Tuesday, January 15, 2008


Occasionally, when I present my program on publishing to junior high students (grades 6, 7 and 8 in the US), I get the question – “Why do you write books?”

It’s usually asked by a student who hates anything to do with composition. But, if you think about it, it’s really an excellent question. Why do I write? Let me try and explain.

First, money is not the most important reason, although that’s usually what the kids answer when I ask what they think. They are certain writing a book is an easy way to make a bundle of dollars. They’re not happy when I tell them few authors make a lot of money. There are some exceptions of course, but even if you go back in history, few authors, then or now, made a lot of money.

You should hear the groans when I tell them the primary reason I write is that I have to write. However, it’s true. The characters running through my mind require I tell their stories.

However something special occurs when I write a novel. For a time, I get to dwell in another time, get to become another person, live a different life. Oh, there’s nothing wrong with my life, but I’ve always been a daydreamer. Writing romances fulfills all the daydreams I could ever have.

No matter if today I am a villain, or the next day I’m a lonely heroine, crying out for attention, or justice, or romance, I still get to be all kinds of people. Because I usually write in a historical time period, I also learn how people lived years before. In fact, researching a book is often nearly as much fun as writing the thing. And putting my tales on paper affords me a tremendous sense of accomplishment.

Is writing a novel hard work? You better believe it. Sometimes your characters won’t behave the way you want them to, or the plot takes an unbelievable twist and your whole concept changes. The ability to use appropriate words is critical and it can be a struggle to find just the right word or phrase. The actual writing, either on paper or on the computer, is physical work. So yes, writing is definitely hard work, but when you love what you do….

Visit Allison at www.AllisonKnight.com


Kimber Chin said...

Great post Allison.

Why do I write?

Definitely not for the money. That is why I waited until now (when I'm semi-retired) to write. I didn't want to have any money concerns taking away the joy.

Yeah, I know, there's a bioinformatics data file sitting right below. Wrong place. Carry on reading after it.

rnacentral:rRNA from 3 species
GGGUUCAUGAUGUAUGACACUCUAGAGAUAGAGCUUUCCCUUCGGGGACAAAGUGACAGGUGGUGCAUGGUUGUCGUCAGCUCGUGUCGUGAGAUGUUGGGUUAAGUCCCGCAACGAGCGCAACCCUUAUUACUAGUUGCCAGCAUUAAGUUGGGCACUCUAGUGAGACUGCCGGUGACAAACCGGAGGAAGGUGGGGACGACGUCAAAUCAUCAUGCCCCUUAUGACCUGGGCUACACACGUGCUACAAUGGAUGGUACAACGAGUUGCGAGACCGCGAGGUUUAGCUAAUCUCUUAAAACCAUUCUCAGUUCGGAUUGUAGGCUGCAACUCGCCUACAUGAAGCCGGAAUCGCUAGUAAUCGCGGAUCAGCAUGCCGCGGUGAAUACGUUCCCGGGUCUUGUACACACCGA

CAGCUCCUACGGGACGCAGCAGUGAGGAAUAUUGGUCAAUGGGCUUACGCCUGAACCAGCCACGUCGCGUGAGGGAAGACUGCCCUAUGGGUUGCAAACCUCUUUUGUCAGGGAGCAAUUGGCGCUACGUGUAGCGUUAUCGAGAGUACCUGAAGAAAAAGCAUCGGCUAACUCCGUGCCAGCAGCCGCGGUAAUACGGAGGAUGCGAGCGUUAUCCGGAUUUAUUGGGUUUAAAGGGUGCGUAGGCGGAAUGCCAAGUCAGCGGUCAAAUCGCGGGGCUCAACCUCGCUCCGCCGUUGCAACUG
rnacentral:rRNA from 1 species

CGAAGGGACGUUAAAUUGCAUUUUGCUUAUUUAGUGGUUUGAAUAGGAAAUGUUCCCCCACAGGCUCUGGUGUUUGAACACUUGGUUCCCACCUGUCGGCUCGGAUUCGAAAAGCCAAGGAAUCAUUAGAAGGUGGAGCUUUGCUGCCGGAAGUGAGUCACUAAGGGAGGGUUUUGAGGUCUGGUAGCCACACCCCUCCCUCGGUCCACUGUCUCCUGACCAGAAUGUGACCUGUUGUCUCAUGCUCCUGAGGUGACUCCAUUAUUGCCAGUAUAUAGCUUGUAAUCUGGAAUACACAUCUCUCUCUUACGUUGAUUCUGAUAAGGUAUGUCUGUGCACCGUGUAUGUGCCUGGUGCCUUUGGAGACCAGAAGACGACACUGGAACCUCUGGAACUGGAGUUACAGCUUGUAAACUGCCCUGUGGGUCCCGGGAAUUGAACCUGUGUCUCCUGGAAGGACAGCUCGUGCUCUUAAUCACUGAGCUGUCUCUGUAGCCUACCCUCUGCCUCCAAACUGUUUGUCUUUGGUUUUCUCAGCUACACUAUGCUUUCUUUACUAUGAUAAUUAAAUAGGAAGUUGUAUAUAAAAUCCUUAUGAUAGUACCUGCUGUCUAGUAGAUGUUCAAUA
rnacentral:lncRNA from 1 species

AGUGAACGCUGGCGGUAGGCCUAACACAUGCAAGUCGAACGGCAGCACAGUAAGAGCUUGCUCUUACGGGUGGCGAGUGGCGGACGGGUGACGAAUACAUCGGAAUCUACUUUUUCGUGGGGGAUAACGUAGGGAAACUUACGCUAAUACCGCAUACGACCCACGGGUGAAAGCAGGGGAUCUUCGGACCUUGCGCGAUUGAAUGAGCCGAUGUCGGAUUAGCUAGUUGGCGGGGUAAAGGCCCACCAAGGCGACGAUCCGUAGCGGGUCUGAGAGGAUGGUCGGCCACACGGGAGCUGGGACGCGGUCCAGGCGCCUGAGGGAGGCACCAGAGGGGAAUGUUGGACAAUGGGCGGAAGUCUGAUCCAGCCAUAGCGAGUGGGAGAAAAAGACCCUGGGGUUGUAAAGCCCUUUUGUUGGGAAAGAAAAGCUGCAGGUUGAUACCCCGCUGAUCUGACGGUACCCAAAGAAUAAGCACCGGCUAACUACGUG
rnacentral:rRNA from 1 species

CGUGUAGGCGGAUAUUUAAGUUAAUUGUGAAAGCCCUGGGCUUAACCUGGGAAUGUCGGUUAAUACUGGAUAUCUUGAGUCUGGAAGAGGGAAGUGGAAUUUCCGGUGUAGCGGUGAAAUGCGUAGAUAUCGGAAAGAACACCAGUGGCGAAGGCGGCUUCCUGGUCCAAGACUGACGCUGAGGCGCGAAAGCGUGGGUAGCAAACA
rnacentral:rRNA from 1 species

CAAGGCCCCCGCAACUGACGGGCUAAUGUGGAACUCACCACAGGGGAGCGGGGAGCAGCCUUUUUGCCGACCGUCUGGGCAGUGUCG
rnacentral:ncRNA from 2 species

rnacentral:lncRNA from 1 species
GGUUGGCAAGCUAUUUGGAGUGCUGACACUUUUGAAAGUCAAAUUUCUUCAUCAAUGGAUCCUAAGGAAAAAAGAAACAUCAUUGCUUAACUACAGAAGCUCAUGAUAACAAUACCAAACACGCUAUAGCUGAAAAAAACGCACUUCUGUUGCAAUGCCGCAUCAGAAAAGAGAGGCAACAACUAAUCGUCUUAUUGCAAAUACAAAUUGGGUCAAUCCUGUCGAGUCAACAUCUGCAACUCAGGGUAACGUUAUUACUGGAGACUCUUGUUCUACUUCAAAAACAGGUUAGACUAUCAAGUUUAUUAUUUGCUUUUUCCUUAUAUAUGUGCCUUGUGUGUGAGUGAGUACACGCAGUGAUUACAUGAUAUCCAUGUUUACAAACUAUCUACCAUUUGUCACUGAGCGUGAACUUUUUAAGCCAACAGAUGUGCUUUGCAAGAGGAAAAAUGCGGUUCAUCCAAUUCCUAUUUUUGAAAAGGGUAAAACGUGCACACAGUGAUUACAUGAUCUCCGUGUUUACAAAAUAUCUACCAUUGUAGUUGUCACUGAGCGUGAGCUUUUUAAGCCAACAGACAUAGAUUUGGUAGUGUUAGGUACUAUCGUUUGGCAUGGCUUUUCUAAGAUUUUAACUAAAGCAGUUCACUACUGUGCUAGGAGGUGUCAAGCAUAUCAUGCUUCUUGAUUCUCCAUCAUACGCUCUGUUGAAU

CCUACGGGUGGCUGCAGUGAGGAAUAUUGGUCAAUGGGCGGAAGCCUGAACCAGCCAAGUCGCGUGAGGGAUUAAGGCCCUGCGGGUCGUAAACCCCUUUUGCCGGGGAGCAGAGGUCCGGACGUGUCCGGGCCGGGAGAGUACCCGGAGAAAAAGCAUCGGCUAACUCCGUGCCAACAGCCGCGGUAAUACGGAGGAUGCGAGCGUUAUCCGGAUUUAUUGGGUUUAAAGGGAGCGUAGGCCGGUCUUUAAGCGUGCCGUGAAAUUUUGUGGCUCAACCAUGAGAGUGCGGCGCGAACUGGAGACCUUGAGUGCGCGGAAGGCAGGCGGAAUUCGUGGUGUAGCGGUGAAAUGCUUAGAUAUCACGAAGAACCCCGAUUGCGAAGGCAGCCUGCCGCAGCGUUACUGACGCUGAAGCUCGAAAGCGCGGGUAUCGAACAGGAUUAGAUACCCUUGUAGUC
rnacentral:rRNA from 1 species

I write romances based in the business world because I LOVE business and I want to share that love with other women.

Too often you'll read a book about a successful businessman or woman and read that they really want to be a writer or an artist. That's bullsh**. They're successful only because they love it (as is true in any other field). They love the game. They love business.

As do I. Business is exciting. Business is sexy.

Carol said...

I write because it's like playing with cutout dolls, is an escape from the humdrum activities in life. and most of all because the stories keep running around in my head and need an outlet. Add to that the pleasure of entertaining and it's a sure-fire way to keep me occupied. Carol McPhee

Rose Lerma said...

Rose Lerma said...

I write to give the characters in my head a home. Otherwise they'd clog up my brain.

Candace Morehouse said...

Why do I write?

Because the little voices in my head tell me to!

They're pretty active, too. They speak up when I'm watching TV or laying in bed trying to sleep or even when I'm grocery shopping. They insist on being heard and getting down on paper. The more I write, the more active those voices become!

I have to agree with Allison that I love writing historical romance most of all because it's an excuse to thoroughly research a time period, which I love. I love history and I love romance and bringing the two together is immensely satisfying.

Sure it's frustrating at times. But it's also a good deal of fun. I wouldn't trade writing for anything in the world!


Ciara Gold said...

Well said. I think only another writer "gets it." That all consuming NEED to write.

Another good question would be; So a writer writes because they feel driven to write, but why do they pursue getting it published? We open ourselves up to all sorts of critism, both positive and negative when our babies are published. For me, it's because I want to share my fantasy worlds with others in hopes they will find enjoyment out of the story I've created. It's really that simple.